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In silico analysis of the cyclophilin repertoire of apicomplexan parasites.

Krücken J, Greif G, von Samson-Himmelstjerna G - Parasit Vectors (2009)

Bottom Line: In addition, cyclosporine is known to exhibit anti-parasitic effects on a wide range of organisms including several apicomplexa.In order to obtain new non-immunosuppressive drugs targeting apicomplexan cyclophilins, a profound knowledge of the cyclophilin repertoire of this phylum would be necessary.The genomes of apicomplexa harbor a cyclophilin repertoire that is at least as complex as that of most fungi.

View Article: PubMed Central - HTML - PubMed

Affiliation: Institute for Parasitology, University of Veterinary Medicine Foundation, Bünteweg 17, 30559 Hannover, Germany. juergen.kruecken@tiho-hannover.de.

ABSTRACT

Background: Cyclophilins (Cyps) are peptidyl cis/trans isomerases implicated in diverse processes such as protein folding, signal transduction, and RNA processing. They are also candidate drug targets, in particular for the immunosuppressant cyclosporine A. In addition, cyclosporine is known to exhibit anti-parasitic effects on a wide range of organisms including several apicomplexa. In order to obtain new non-immunosuppressive drugs targeting apicomplexan cyclophilins, a profound knowledge of the cyclophilin repertoire of this phylum would be necessary.

Results: BLAST and maximum likelihood analyses identified 16 different cyclophilin subfamilies within the genomes of Cryptosporidium hominis, Toxoplasma gondii, Plasmodium falciparum, Theileria annulata, Theileria parva, and Babesia bovis. In addition to good statistical support from the phylogenetic analysis, these subfamilies are also confirmed by comparison of cyclophilin domain architecture. Within an individual genome, the number of different Cyp genes that could be deduced varies between 7-9 for Cryptosporidia and 14 for T. gondii. Many of the putative apicomplexan cyclophilins are predicted to be nuclear proteins, most of them presumably involved in RNA processing.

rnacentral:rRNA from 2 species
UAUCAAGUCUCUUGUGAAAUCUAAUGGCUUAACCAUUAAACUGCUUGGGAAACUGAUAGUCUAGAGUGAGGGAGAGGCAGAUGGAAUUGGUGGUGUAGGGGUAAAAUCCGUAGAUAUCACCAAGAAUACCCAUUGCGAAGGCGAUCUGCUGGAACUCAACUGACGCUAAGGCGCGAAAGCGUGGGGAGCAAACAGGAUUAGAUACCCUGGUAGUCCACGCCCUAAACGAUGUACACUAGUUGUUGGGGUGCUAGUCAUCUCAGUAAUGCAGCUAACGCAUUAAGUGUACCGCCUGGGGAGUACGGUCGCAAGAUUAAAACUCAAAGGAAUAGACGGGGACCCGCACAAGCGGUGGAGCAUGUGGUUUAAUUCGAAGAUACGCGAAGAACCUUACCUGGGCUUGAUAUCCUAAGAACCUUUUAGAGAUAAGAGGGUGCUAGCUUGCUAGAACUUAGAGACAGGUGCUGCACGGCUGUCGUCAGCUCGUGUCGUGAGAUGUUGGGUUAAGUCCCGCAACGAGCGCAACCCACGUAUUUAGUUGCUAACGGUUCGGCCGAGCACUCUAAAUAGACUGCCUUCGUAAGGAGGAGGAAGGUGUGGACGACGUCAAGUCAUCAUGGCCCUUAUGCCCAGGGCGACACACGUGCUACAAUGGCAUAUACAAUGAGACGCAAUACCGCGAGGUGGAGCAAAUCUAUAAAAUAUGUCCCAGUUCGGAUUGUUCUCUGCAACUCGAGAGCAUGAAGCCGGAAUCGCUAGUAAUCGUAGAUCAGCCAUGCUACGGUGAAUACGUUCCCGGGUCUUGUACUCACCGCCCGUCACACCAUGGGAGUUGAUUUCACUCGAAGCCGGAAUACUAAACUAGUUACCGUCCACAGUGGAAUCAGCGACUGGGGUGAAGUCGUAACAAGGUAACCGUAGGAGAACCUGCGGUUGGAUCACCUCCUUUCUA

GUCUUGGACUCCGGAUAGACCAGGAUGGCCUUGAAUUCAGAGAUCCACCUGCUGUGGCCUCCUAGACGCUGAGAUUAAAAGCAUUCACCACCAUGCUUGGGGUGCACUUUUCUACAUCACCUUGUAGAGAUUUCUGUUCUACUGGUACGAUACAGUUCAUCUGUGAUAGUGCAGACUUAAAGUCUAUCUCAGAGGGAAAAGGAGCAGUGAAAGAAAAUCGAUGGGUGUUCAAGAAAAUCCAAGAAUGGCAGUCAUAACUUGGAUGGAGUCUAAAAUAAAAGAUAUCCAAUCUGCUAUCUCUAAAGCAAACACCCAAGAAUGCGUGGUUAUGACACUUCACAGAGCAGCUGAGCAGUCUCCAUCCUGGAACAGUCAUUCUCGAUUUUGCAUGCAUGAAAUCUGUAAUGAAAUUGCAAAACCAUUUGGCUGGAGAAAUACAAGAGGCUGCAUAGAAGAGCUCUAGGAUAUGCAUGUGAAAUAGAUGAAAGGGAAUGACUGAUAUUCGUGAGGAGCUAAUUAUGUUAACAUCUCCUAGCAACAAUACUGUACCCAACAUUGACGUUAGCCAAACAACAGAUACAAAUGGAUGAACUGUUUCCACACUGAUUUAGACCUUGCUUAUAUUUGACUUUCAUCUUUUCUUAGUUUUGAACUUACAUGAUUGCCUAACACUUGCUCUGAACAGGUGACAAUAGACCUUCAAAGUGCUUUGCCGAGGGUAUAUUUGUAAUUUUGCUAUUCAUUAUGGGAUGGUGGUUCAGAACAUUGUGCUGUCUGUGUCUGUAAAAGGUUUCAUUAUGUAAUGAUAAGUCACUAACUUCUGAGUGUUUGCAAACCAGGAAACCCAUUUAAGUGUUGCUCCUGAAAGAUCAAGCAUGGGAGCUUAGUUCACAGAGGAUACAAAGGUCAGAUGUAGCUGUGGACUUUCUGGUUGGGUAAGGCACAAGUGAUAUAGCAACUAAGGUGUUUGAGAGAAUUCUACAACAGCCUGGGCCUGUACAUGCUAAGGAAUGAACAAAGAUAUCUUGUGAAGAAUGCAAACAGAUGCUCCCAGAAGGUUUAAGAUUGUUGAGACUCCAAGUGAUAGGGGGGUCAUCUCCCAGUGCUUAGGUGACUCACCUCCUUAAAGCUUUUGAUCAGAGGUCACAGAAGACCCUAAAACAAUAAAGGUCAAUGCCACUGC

Conclusion: The genomes of apicomplexa harbor a cyclophilin repertoire that is at least as complex as that of most fungi. The identification of Cyp subfamilies that are specific for lower eukaryotes, apicomplexa, or even the genus Plasmodium is of particular interest since these subfamilies are not present in host cells and might therefore represent attractive drug targets.

No MeSH data available.


PPIL3-like Cyps. Domain architecture and genomic organization of PPIL3-like Cyps. Species are abbreviated as in Fig. 1. Cyp_PPIL3, PPIL3-type Cyp domain (CD accession-no: [cd01928]).
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Figure 11: PPIL3-like Cyps. Domain architecture and genomic organization of PPIL3-like Cyps. Species are abbreviated as in Fig. 1. Cyp_PPIL3, PPIL3-type Cyp domain (CD accession-no: [cd01928]).

Mentions: Within the non Cyp_ABH group, the PPIL3-like Cyps are the only subfamily of small single domain Cyps that is widely distributed among apicomplexa. PPIL3-like Cyps can be predicted in all the apicomplexan genomes and consist of little more than the Cyp_PPIL3 domain (accession-no.: [cd01928]) itself (Figures 1 and 11). Since apparent localization signals are missing, a predominant cytosolic localization of the putative proteins might be assumed. However, at least one splice form of human PPIL3 has been identified as part of the B complex of the spliceosome in the nucleus [38] though its precise role in the spliceosome B complex has not been analyzed yet.